No, it definitely didn’t hold at 50%, even on the initial design day. But remember that we want to keep relative humidity in a range of about 30 to 60% according to the Sterling chart. Also, modern high efficiency equipment has less latent cooling capacity. And here’s where, at least according to the manufacturer’s data for my Mitsubishi system, the system is greatly undersized.

The latent cooling load is 3803 BTU/hr, and the latent cooling capacity is a mere 718 BTU/hr. I think the graph of humidity data above shows that Mitsubishi’s number is wrong. If I really had only 19% of the latent capacity I needed, the relative humidity percentage would have been much higher than the mid-to-upper 50s. I didn’t have any supplemental dehumidification going on so this system kept the humidity in check; this system was removing moisture.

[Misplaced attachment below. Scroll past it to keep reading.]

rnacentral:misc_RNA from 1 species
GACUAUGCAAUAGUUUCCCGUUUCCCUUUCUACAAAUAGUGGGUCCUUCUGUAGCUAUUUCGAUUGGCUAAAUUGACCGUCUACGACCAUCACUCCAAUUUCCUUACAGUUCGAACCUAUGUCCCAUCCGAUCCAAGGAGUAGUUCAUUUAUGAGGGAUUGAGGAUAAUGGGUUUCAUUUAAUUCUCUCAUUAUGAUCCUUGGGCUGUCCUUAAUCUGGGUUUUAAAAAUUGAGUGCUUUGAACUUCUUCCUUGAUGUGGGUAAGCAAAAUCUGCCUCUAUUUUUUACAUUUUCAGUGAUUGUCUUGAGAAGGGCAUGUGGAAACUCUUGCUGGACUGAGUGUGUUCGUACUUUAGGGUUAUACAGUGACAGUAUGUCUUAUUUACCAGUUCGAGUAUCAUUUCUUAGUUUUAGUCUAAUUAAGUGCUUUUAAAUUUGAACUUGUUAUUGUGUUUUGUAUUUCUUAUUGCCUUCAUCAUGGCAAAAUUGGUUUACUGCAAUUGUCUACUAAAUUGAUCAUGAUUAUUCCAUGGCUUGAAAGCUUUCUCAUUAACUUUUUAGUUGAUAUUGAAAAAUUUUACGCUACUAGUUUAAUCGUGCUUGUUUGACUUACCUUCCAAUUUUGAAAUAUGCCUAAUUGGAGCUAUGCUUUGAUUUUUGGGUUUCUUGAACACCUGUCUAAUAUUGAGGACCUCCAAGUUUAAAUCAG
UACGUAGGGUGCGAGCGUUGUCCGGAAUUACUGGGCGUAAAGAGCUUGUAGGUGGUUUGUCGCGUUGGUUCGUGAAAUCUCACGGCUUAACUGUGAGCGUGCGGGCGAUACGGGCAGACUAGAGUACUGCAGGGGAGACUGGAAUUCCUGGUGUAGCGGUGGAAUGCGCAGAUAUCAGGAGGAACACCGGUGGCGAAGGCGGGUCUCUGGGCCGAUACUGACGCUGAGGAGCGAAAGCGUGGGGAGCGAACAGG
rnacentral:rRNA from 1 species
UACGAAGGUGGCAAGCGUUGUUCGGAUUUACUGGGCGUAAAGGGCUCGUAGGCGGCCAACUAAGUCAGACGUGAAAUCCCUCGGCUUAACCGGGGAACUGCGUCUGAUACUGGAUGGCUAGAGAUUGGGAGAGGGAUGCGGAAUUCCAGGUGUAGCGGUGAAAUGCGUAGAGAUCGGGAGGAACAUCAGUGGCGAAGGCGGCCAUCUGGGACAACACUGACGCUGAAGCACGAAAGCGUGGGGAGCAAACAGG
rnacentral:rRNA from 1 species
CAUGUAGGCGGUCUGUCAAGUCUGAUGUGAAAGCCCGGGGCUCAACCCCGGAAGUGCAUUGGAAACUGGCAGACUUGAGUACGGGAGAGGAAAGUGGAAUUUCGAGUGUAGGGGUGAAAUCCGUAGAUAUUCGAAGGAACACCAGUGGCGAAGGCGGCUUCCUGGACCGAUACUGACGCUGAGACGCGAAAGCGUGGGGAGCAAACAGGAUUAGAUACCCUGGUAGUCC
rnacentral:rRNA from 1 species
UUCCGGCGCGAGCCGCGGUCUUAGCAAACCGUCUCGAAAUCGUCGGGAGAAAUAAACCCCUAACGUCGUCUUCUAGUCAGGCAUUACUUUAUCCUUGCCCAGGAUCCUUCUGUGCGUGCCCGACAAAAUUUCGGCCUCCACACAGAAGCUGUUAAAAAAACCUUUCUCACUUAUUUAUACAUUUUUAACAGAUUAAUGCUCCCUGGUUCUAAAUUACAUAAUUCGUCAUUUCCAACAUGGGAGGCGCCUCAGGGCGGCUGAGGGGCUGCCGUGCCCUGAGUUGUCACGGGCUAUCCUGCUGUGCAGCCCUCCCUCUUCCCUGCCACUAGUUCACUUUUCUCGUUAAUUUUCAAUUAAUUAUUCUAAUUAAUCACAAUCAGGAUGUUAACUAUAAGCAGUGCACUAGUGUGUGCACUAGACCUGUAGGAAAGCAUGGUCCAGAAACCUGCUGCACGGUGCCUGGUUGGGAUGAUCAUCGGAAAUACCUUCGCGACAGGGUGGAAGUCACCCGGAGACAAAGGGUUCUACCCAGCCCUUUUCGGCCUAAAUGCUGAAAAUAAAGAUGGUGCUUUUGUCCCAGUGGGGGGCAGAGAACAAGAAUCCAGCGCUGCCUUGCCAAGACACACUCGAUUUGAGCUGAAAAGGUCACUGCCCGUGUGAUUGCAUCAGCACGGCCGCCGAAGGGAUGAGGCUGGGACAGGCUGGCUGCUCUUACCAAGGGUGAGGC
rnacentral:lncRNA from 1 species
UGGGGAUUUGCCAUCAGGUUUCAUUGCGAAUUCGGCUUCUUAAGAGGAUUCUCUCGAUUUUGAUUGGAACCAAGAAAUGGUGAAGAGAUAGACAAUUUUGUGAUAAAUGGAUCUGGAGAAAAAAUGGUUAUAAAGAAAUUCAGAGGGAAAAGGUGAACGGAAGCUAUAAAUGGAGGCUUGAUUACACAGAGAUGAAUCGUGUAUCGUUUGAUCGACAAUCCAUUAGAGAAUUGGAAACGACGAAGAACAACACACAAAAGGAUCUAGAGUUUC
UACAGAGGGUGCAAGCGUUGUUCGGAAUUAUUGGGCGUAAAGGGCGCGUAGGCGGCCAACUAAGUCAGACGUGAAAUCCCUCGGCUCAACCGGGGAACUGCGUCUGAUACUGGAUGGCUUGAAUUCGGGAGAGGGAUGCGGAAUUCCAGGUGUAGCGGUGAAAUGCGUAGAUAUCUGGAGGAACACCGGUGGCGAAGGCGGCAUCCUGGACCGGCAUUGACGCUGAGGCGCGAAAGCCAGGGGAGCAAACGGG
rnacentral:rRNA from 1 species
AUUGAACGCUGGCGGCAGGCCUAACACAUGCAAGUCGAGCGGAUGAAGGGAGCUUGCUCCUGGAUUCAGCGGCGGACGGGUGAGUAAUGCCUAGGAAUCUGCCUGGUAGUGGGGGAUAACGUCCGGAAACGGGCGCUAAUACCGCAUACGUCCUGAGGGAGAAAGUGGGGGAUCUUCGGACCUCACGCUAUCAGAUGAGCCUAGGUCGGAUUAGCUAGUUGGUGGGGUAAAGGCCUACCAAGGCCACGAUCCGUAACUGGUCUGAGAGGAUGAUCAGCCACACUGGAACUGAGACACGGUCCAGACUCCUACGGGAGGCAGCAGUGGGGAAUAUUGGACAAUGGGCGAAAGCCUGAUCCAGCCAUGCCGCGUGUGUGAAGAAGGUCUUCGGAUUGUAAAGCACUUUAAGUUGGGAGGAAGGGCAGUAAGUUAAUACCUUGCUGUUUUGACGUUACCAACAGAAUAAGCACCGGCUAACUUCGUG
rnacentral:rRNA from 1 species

A few takeaways

The data I’ve shown here is for one heat pump from one manufacturer, so your mileage may vary with other equipment. That said, here are a few takeaways:

  • A properly sized air conditioner is based on not having excess total cooling capacity.
  • Manual J cooling loads and manufacturers’ equipment capacity data have some uncertainty. (As do all real-world numbers.)
  • You probably don’t need to worry so much about ending up with undersized equipment that can’t handle the load.

I tried to be as accurate as possible in the load calculation for my house, adding no extra load as a “safety factor.” I undersized the system. And everything worked perfectly for cooling.